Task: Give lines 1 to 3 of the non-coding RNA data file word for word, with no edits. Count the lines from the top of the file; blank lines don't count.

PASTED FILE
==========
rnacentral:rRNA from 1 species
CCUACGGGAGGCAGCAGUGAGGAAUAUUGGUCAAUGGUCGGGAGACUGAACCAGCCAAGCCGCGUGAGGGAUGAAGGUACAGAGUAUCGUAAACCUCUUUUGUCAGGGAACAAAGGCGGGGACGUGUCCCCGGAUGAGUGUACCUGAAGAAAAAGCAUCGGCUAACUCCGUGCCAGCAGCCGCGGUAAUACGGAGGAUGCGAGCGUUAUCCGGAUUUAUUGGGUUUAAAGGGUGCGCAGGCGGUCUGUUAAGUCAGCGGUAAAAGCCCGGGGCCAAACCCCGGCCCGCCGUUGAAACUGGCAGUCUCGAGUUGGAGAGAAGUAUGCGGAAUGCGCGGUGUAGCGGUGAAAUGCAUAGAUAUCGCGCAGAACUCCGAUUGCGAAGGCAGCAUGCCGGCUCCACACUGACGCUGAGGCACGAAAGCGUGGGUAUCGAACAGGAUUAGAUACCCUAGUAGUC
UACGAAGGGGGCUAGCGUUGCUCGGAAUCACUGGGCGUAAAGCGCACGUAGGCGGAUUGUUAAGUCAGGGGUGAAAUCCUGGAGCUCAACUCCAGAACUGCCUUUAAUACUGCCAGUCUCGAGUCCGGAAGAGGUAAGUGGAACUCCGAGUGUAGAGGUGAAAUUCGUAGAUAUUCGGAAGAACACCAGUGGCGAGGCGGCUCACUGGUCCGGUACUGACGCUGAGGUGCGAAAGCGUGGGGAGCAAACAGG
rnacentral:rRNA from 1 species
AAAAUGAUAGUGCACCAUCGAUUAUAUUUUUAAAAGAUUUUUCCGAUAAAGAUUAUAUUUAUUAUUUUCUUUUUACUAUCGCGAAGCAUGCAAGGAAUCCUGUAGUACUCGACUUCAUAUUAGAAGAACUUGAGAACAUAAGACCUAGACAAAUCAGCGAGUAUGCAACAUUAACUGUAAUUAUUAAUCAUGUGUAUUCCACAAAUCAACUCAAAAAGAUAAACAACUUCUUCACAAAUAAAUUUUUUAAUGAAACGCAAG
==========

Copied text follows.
rnacentral:rRNA from 1 species
CCUACGGGAGGCAGCAGUGAGGAAUAUUGGUCAAUGGUCGGGAGACUGAACCAGCCAAGCCGCGUGAGGGAUGAAGGUACAGAGUAUCGUAAACCUCUUUUGUCAGGGAACAAAGGCGGGGACGUGUCCCCGGAUGAGUGUACCUGAAGAAAAAGCAUCGGCUAACUCCGUGCCAGCAGCCGCGGUAAUACGGAGGAUGCGAGCGUUAUCCGGAUUUAUUGGGUUUAAAGGGUGCGCAGGCGGUCUGUUAAGUCAGCGGUAAAAGCCCGGGGCCAAACCCCGGCCCGCCGUUGAAACUGGCAGUCUCGAGUUGGAGAGAAGUAUGCGGAAUGCGCGGUGUAGCGGUGAAAUGCAUAGAUAUCGCGCAGAACUCCGAUUGCGAAGGCAGCAUGCCGGCUCCACACUGACGCUGAGGCACGAAAGCGUGGGUAUCGAACAGGAUUAGAUACCCUAGUAGUC
UACGAAGGGGGCUAGCGUUGCUCGGAAUCACUGGGCGUAAAGCGCACGUAGGCGGAUUGUUAAGUCAGGGGUGAAAUCCUGGAGCUCAACUCCAGAACUGCCUUUAAUACUGCCAGUCUCGAGUCCGGAAGAGGUAAGUGGAACUCCGAGUGUAGAGGUGAAAUUCGUAGAUAUUCGGAAGAACACCAGUGGCGAGGCGGCUCACUGGUCCGGUACUGACGCUGAGGUGCGAAAGCGUGGGGAGCAAACAGG